Hot take: Thanksgiving food is overated

Emma Oskorus, Staff Writer and Social Media Director

Thanksgiving is finally next Thursday, and you know what that means—LOTS and LOTS of food. Let’s be real, if you don’t have a top-notch Thanksgiving meal, the day is absolutely ruined, and all you have to look forward to is being in a mall full of body odor and sticky children for some mediocre Black Friday shopping.
Enough about Black Friday shopping though, let’s get to the real topic: Thanksgiving foods are quite the gamble. Although most of the food can be quite delicious, there is always that one side dish everybody hates, or a dish your Aunt continues to bring every year where you grab a spoonful of it, only to scrape it right in to the trash can later. Many have strong opinions about the different dishes at Thanksgiving, but some may be harsher than others.


Thoughts on stuffing? Let’s start with that. Personally, my taste buds have adapted to the wonderful meal of stuffing. It is basically Thanksgiving all in one, right? Well, according to Camila Zavala ’23, her opinion differs: “I hate stuffing because it is lazy and it is basically chewed up mom bird throw up. It is also hard at the same time. It is too salty, and the texture is bad. I like mashed potatoes.” Maybe Camila has never had good stuffing before? We will never know, but until she does, I’m sure her opinion will stand.


One thing you can never go wrong with for a Thanksgiving side dish is bread rolls. And I’m not talking about buying a twenty-four pack of Hawaiian King Rolls and plopping the package on the table, I am talking about actual homemade bread rolls with butter brushed freshly on the top. Senior Colleen Schmitt, has absolute heart-eyes for bread rolls during her dinner:  “They are a staple in my families Thanksgiving dinner. I eat like eight of them. After everyone’s plates are clean, I find myself in a war battle trying to get the very last roll.”


Hot topic: What is the point of placing mini marshmallows on top of a sweet potato casserole. Key word—sweet. There are already sweet potatoes in the dish, why add more? What is the need for more sugar? It’s like biting into a spoonful of sugar just to slowly chew on some poorly-textured mush. Even Sydney Rosario ’23 can agree with me on this one: “The thought of a sweet potato casserole makes me want to rip my face off and use it as an area rug. It is way too sweet and the added layer of mini marshmallows is overpowering. Plus, it just looks disgusting.”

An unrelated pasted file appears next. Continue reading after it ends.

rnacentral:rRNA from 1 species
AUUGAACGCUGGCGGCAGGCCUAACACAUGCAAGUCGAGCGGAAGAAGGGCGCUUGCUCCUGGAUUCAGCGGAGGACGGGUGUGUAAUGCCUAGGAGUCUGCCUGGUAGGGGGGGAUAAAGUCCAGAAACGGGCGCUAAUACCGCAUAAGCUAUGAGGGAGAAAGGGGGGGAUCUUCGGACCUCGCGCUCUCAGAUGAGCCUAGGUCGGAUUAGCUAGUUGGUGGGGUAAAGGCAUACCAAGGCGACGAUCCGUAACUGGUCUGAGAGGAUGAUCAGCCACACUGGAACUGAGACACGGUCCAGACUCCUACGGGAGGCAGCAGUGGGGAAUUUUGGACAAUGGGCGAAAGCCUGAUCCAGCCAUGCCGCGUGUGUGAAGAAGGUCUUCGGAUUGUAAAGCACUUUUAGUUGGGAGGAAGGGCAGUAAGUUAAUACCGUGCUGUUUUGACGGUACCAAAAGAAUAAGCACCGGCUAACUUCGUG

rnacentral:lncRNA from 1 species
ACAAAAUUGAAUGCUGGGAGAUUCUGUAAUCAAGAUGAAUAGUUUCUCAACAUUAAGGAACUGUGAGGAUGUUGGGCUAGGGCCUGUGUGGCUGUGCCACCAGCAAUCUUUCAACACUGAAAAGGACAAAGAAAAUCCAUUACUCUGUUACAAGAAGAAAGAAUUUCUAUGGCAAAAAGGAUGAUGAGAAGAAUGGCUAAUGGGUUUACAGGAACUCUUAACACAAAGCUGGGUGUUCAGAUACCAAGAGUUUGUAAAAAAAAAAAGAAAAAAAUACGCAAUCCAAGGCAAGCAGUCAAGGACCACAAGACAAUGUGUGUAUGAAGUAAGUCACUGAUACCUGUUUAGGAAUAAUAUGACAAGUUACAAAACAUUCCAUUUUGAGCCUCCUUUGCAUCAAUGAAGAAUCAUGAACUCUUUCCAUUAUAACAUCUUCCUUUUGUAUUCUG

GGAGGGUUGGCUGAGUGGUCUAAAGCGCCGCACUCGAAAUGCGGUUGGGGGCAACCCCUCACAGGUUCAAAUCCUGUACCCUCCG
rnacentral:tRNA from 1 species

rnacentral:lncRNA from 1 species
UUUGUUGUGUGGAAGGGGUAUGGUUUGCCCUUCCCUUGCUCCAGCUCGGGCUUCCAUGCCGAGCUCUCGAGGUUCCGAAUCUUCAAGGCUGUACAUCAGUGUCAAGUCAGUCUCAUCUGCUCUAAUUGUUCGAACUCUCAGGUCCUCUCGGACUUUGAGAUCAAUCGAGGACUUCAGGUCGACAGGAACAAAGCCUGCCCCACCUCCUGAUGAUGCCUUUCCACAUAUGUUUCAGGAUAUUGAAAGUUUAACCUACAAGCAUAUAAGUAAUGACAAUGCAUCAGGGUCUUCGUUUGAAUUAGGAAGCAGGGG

Aside from all the main side dishes, let’s talk about the main dish itself—turkey. One word to describe it: dry. It needs something. It needs gravy, cranberry sauce; although, don’t mention the cranberry sauce to Camila: “I hate cranberry sauce. Why do you need so much sugar?” She’s quite the critic, but putting cranberry sauce on turkey is better than eating dry turkey. Every time I eat it, I find my hands shaking towards the water cup in front of me just to get rid of the dry taste on my tongue. Senior Caela Cabal shares, “I always look forward to Thanksgiving because my dad makes a mean turkey, and it hits every time.” I am not saying turkey is bad, but it definitely needs to be paired with some type of dressing.


I hope your Thanksgiving dinner is amazing this year, because personally, I know exactly what it feels like to have a mediocre one. Maybe try a new food if it looks somewhat more appetizing than usual? Maybe stay away from that sweet potato casserole though. And even if you are too full to eat anything else, make room. Thanksgiving is all about the feast.

Camila staring down the stuffing at the dinner table questioning why someone would even create such a thing in the first place. (Photo Provided by Emma Oskorus ’23)
POV: Colleen’s face when she sees the bread rolls placed on the dinner table. (Photo Provided by Emma Oskorus ’23)